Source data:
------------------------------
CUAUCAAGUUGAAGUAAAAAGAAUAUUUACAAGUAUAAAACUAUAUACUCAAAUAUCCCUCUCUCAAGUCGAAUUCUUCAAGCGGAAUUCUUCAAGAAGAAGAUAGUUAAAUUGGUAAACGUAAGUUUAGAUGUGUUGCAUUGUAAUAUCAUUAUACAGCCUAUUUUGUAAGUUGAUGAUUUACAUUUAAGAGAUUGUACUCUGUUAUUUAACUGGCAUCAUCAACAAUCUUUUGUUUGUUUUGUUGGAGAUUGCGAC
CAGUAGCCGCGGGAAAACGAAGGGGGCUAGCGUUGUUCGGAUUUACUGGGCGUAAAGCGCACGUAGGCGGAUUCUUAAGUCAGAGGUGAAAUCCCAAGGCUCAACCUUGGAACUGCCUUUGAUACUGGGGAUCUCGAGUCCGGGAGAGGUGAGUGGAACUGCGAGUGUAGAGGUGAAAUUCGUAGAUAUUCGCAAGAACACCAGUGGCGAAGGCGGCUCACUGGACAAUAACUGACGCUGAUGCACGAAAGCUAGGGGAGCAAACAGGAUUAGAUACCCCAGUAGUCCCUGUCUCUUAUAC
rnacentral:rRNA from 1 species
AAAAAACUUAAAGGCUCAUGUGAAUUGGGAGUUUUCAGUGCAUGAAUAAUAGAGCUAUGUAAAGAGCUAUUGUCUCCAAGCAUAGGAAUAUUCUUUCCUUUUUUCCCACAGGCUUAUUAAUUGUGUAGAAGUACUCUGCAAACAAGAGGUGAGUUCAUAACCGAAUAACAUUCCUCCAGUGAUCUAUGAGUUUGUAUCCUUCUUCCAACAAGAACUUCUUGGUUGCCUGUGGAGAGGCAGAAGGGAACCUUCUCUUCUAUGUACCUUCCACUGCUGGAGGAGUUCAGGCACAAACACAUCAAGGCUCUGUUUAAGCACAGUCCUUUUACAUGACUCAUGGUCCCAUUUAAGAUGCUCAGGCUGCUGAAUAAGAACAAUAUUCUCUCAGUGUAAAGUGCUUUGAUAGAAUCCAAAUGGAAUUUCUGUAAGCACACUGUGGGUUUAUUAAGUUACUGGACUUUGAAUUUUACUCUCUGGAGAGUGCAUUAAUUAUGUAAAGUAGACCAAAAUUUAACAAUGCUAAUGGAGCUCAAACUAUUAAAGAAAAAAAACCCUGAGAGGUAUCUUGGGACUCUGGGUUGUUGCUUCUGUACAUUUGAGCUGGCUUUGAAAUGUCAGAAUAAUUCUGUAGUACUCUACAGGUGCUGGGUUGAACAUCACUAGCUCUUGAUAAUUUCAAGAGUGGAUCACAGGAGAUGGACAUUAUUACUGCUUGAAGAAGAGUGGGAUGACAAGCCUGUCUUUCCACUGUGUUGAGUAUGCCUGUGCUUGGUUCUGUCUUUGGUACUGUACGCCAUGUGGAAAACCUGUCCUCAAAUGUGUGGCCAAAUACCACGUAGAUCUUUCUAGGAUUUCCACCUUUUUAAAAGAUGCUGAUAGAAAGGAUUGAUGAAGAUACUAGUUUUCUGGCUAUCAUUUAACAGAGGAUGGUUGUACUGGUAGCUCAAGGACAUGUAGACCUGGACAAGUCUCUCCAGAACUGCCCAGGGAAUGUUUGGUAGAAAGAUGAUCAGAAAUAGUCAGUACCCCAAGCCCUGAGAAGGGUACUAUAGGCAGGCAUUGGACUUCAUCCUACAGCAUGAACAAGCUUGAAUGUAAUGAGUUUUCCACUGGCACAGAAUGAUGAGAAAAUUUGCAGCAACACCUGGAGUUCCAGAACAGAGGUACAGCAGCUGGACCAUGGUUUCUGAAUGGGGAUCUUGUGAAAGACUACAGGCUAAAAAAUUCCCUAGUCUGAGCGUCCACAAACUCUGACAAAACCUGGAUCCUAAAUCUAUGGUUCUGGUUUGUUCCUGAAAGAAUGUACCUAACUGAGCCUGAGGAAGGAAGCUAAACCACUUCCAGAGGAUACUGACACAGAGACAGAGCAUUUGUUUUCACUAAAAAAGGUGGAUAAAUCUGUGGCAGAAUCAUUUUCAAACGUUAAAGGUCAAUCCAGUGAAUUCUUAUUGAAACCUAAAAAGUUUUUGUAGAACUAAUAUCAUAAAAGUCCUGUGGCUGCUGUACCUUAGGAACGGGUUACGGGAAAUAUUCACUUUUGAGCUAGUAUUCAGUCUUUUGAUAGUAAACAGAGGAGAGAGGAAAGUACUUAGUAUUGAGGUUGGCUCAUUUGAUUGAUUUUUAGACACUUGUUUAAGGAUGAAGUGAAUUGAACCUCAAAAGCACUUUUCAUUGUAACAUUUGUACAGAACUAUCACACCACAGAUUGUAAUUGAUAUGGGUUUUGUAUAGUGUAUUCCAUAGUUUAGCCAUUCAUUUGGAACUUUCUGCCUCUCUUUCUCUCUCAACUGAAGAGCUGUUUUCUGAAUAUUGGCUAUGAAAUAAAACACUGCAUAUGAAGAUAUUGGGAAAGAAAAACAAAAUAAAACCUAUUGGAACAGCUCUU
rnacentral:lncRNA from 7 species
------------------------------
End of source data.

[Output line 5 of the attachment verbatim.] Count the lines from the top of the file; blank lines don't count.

rnacentral:lncRNA from 7 species